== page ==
The EU Non-financial Reporting Directive has been adopted and must be implemented in member states by 6 December 2016. It is of significance to those working in labour law given the recent trend for trade unions to frame some disputes as human rights issues and to use global human rights concerns as a reputational pressure point against employers, for example, as part of their campaigns to grow union membership and access across the global operations of MNEs.
The Directive requires some larger companies with more than 500 employees to report annually on social and employee-related matters (expected to include the undertaking’s respect for trade union rights), human rights, anti-corruption and bribery matters. The report must include a description of the policies, outcomes and risks related to those matters and information on the due diligence processes implemented by the undertaking (and, where relevant and proportionate, its supply and subcontracting chains) in order to identify, prevent and mitigate existing and potential adverse impacts. Where the company does not have a relevant policy, the statement must provide a clear and reasoned explanation for not having one.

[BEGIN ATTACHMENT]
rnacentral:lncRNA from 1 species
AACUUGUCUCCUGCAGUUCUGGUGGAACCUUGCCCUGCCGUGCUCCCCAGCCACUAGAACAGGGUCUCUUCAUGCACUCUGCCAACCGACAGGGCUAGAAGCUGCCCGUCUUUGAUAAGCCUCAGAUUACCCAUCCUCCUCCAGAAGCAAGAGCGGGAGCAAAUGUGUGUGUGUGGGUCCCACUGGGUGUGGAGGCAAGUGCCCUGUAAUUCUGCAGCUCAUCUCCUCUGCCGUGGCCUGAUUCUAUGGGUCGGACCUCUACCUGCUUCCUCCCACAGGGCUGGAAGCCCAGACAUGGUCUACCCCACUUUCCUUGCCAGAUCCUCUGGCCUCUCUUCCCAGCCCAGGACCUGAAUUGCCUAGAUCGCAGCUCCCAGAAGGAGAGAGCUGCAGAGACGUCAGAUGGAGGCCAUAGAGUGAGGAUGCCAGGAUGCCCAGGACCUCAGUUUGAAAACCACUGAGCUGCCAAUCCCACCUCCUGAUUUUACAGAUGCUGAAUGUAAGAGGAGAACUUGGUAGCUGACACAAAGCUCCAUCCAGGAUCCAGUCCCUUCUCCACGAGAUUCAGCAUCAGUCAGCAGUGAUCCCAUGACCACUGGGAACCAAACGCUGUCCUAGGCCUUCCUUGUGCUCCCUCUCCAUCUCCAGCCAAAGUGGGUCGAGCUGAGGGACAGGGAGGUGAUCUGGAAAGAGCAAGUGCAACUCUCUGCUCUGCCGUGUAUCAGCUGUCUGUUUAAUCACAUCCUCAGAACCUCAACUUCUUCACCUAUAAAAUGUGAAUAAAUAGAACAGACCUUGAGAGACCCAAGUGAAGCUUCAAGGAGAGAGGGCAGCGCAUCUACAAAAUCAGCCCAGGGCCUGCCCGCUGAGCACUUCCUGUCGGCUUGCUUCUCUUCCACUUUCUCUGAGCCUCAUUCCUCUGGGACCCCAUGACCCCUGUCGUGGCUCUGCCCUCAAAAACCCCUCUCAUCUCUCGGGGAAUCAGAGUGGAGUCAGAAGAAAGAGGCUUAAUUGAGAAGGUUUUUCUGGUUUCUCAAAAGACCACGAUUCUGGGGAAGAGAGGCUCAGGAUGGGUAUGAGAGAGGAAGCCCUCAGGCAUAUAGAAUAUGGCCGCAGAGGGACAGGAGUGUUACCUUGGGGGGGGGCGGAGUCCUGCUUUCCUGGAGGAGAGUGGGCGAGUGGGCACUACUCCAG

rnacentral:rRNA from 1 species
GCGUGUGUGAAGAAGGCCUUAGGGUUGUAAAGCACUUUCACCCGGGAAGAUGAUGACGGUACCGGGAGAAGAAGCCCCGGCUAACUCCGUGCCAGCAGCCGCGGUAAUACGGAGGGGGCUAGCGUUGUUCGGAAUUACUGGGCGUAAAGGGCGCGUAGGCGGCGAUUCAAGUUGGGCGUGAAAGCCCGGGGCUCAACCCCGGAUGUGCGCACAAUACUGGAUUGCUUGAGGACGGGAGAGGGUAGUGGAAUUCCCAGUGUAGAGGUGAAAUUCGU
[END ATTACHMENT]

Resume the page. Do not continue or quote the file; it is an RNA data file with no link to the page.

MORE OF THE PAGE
The Commission will be issuing guidance on these reporting requirements. It seems inevitable that increasing transparency in this way has the potential to increase leverage to trade unions and other campaigners. More than ever before, employee, labour and human rights are also becoming corporate governance issues, requiring HR, Legal and CSR to work together to ensure a cohesive, consistent and effective approach.